Comet Section        




Comet C/2017 O1 (ASASSN) is the only comet that can be considered bright this month at magnitude ~9 to 10. While pickings are slim for visual observers, CCD observers can image dozens of other comets including outbursting 29P/Schwassmann-Wachmann 1 (magnitude ~ 12.0).

The lack of any bright comets has resulted in few visual magnitude estimates being submitted this August and the majority were non-detections. The Section received visual estimates from Salvador Aguirre and Carl Hergenrother for comets C/2015 ER61 (PANSTARRS) and C/2017 O1 (ASASSN). CCD images were obtained from Gianluca Masi, Mike Olason, Richard Owens, and John D. Sabia for comets (457175) 2008 GO98, 2P/Encke, 49P/Arend-Rigaux, 71P/Clark, 73P/Schwassman-Wachmann 3, 77P/Longmore, 89P/Russell, 139P/Vaisala-Oterma, 145P/Shoemaker-Levy, 174P/Echeclus, 189P/NEAT, 237P/LINEAR, 240P/NEAT, 353P/McNaught, 355P/LINEAR-NEAT, C/2015 ER61 (PANSTARRS), C/2015 O1 (PANSTARRS), C/2015 V2 (Johnson), C/2015 VL62 (Lemmon-Yeung-PANSTARRS), C/2016 M1 (PANSTARRS), P/2016 WM48 (Lemmon), and C/2017 O1 (ASASSN). Most of the above objects were imaged by Mike Olason, a new contributor to the Section. The large number of observed comets is due to his ability to push his 11″ telescope to ~20th magnitude. ¬†An example of his work is the below image of periodic comet 237P/LINEAR, a low activity comet displaying a nice tail from dust released near perihelion. The nearly inactive nucleus is the stellar object near the ‘head’ of the dust tail.

Evening C0mets

C/2015 V2 (Johnson) [Perihelion on 2017 June 12 at 1.64 au]

Comet Johnson is only visible from the southern hemisphere where it is well placed for observation as it moves through Lupus (Sep 1-13) and Norma (13-30). Johnson is now 3 months past perihelion and is in full retreat from the Sun (1.96 to 2.19 au) and Earth (1.85 to 2.34 au). As a result, the comet will continue to fade this month from around magnitude 10.0 to 11.0.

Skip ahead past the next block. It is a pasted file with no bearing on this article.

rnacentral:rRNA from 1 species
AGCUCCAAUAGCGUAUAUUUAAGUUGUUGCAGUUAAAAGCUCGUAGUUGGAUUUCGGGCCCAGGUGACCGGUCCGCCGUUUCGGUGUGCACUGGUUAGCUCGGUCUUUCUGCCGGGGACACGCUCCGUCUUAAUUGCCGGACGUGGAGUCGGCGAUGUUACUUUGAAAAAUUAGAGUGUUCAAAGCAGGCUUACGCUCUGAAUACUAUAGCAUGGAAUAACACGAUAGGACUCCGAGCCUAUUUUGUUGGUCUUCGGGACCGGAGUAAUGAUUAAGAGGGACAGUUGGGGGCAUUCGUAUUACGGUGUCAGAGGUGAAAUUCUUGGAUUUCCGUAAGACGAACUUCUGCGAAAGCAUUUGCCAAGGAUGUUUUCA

29P/Schwassmann-Wachmann 1 [Perihelion on 2019 March 7 at 5.77 au]

29P has been very active this summer with multiple outbursts being detected. As August begins the comet has just experienced another outburst and is as bright as 12th magnitude. Being located out near the orbit of Jupiter, it doesn’t move much from month to month so it remains near the Capricornus/Aquarius border. This is one comet where rapid changes in brightness and coma morphology make day-to-day (and sometimes even hour-to-hour) monitoring worthwhile.

Morning Comets

C/2015 ER61 (PANSTARRS) [Perihelion on 2017 May 9 at 1.04 au]

C/2015 ER61 (PANSTARRS) reached perihelion back in May and has faded rather rapidly to between magnitude 11.5 to 12.5. The comet will continue to fade as it moves away from the Sun (2.04 to 2.41 au) and its geocentric distance remains steady at (1.66 to 1.67 au). ER61 is a morning object this month moving through Taurus.

C/2017 O1 (ASASSN) [Perihelion on 2017 Oct 13 at 1.50 au]

Recent discovery C/2017 O1 (ASASSN) should be the brightest comet of the month. In the days after discovery, the comet appeared to be undergoing an outburst and was observed to brighten by a few magnitudes. Since then the comet’s rate of brightening has significantly slowed down. It is currently around magnitudes 9.5 and may brighten to between 8.0 and 9.0 by the end of the month as it approaches both the Sun (1.62 to 1.52 au) and Earth (1.06 to 0.77 au). How bright this comet gets is still in question. It is well placed in the morning sky for northern observers as it moves northeastward through Taurus (Sep 19-27) and Perseus (27-30).

John D. Sabia obtained the image of Comet ASASSN shown below on August 26 UT.

As always, the Comet Section is happy to receive all comet observations, whether images, drawings or magnitude estimates. Please send your observations via email to < carl.hergenrother @ >.

- Carl Hergenrother (ALPO Comet Section Coordinator)

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